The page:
In his special comment about “sacrifice” last night, Keith Olbermann spoke of the way President Bush has been able to “deaden the collective mind of this country to the pointlessness of endless war, against the wrong people, in the wrong place, at the wrong time.” Olbermann was addressing Bush’s reported plan to increase troop levels in Iraq and the ever-shifting purpose behind “this senseless, endless war”:
It has gotten many of us used to the idea — the virtual “white noise” — of conflict far away, of the deaths of young Americans, of vague “sacrifice” for some fluid cause, too complicated to be interpreted except in terms of the very important-sounding but ultimately meaningless phrase “the war on terror.”
Whether by design or merely as the product of its authors, the war on terror has been absolutely mind-numbing. Its center shifts from one unfamilar locale to another, its evil villain is first one guy, then another and another, and even our most in-the-loop decision makers can’t tell the difference between the various parties involved.
Complicate all this with the obfuscatory tendencies of the military and the government, filter it though a news media more concerned with Britney Spears’ undergarment choices, and what chance does an ordinary citizen have at making sense of any of it? Finally, “to help us understand,” some polling organization or another questions the confused public at large, then feeds us back the answer in percentage form, followed by a new study on how poorly we’re doing in math.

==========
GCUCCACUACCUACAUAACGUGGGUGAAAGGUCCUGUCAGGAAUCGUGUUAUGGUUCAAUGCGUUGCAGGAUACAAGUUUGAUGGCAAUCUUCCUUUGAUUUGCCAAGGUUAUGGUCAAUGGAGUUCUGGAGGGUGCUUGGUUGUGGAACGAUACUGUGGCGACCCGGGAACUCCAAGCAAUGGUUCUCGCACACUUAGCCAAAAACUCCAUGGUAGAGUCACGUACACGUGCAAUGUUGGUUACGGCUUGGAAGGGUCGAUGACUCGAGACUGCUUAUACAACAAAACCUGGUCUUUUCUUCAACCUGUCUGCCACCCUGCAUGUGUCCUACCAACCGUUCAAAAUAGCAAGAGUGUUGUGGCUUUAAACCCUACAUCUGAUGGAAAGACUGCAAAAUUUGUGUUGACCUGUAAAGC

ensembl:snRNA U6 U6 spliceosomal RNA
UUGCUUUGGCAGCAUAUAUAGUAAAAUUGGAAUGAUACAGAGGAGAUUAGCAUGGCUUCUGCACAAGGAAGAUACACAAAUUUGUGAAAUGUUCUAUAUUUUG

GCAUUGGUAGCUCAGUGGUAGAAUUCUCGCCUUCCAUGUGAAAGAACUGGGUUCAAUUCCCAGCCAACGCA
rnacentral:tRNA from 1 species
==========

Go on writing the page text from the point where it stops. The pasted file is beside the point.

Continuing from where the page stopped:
I was reminded of these uncertainties as I began listening this morning to an NPR story about José Padilla. It was prefaced by an advisory from Morning Edition hosts Renée Montagne and Steve Inskeep concerning the pronunciation of Padilla’s last name.
Reportedly, his lawyer now says Padilla prefers the Spanish pronunciation of “pah-DEE-yah,” despite having pronounced it himself as “puh-DILL-uh” previously in court. Never mind that it was one of Padilla’s lawyers who insisted that the media switch it to “puh-DILL-uh” in the first place. This is all both confusing and somewhat amusing.
Neither confusing nor amusing at all was Nina Totenberg’s actual report on the odyssey of José Padilla thus far. No matter what he is being accused of — and the accusations keep morphing like everything else in the Bush war — the man is a United States citizen. If he can be treated this way, then any U.S. citizen can be treated similarly.
We last saw Padilla in a series of images presented by his legal team in December. This morning’s story is even more disturbing, both in terms of the abuse inficted on him (his attorneys say it has left him “like a piece of furniture”) and from the standpoint of the government’s dismissive posture:
The government maintains that whatever happened to Padilla during his detention is irrelevant, since no information obtained during that time is being used in the criminal case against him.
Read or listen to the story. It’s a bracing, confusion-clearing slap in the face.